Are Leaders Influenced by Advocates in the Special Education Eligibility Decision?


  • Erin B Kirkland Loudoun County Public Schools
  • Scott C Bauer George Mason University



special education, school leadership, decision-making, disabilities, power


The purpose of this study was to investigate the influence of private practitioner and educational advocate opinions on instructional leaders’ decision-making thought processes when making a recommendation for special education eligibility. School-based administrators (N = 56) with varying years of experience as a special education administrator participated in this study. Using data from a series of vignettes and from structured interviews, results indicated that private practitioners and educational advocates significantly influence administrators’ recommendations for special education eligibility.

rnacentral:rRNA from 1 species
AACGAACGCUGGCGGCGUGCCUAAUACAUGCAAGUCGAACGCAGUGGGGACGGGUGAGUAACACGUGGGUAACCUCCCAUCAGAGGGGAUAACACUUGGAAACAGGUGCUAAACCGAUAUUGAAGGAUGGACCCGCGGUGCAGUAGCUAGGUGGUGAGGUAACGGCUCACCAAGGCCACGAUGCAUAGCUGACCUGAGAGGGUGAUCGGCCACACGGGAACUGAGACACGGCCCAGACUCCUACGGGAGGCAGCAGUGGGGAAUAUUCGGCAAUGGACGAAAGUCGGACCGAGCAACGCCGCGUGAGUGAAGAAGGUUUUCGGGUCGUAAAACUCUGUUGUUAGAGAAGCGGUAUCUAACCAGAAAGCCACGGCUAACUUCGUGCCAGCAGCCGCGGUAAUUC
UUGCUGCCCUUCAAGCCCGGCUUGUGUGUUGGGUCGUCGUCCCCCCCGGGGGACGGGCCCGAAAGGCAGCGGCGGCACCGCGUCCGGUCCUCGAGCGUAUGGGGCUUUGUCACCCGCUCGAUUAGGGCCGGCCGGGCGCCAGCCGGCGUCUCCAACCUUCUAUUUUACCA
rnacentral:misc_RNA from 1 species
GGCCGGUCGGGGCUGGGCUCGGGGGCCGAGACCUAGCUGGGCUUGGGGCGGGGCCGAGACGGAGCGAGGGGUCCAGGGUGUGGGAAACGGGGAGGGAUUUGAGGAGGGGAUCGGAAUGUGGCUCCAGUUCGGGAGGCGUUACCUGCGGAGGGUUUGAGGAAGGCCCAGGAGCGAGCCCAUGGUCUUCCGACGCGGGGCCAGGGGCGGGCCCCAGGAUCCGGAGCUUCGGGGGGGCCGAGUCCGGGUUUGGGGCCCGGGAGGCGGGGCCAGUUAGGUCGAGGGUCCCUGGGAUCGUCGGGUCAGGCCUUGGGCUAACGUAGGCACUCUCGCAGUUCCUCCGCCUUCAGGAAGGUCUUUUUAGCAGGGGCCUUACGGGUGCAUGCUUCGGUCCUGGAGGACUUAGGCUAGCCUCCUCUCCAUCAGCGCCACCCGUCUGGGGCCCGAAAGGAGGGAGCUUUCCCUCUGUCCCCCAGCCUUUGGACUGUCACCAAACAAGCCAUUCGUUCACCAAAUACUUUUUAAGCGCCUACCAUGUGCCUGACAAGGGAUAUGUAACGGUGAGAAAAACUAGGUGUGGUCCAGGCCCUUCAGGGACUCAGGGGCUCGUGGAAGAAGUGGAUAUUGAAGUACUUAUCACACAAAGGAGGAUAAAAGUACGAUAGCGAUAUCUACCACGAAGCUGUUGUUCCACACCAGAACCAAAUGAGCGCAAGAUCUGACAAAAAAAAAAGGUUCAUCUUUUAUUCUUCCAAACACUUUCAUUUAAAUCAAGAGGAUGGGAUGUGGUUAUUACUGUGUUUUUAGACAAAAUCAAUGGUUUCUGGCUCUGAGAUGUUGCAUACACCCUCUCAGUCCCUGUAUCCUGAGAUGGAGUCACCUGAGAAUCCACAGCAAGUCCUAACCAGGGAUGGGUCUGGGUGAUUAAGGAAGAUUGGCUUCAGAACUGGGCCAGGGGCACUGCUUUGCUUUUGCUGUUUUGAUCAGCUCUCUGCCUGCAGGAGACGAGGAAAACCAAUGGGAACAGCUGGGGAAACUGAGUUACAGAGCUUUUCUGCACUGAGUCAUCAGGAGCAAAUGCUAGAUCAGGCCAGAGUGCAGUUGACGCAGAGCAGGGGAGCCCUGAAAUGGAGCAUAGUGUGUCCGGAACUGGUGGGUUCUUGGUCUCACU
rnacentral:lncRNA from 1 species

Author Biographies

Erin B Kirkland, Loudoun County Public Schools

Erin B Kirkland (PhD, George Mason University) is an Eligibility Coordinator with the Loudoun County (VA) Public Schools.

Scott C Bauer, George Mason University

Scott C Bauer (PhD, Cornell University) is Professor and Director of the Education Leadership Division in the College of Education & Human Development, George Mason University.




How to Cite

Kirkland, E. B., & Bauer, S. C. (2016). Are Leaders Influenced by Advocates in the Special Education Eligibility Decision?. International Journal of Education Policy and Leadership, 11(2).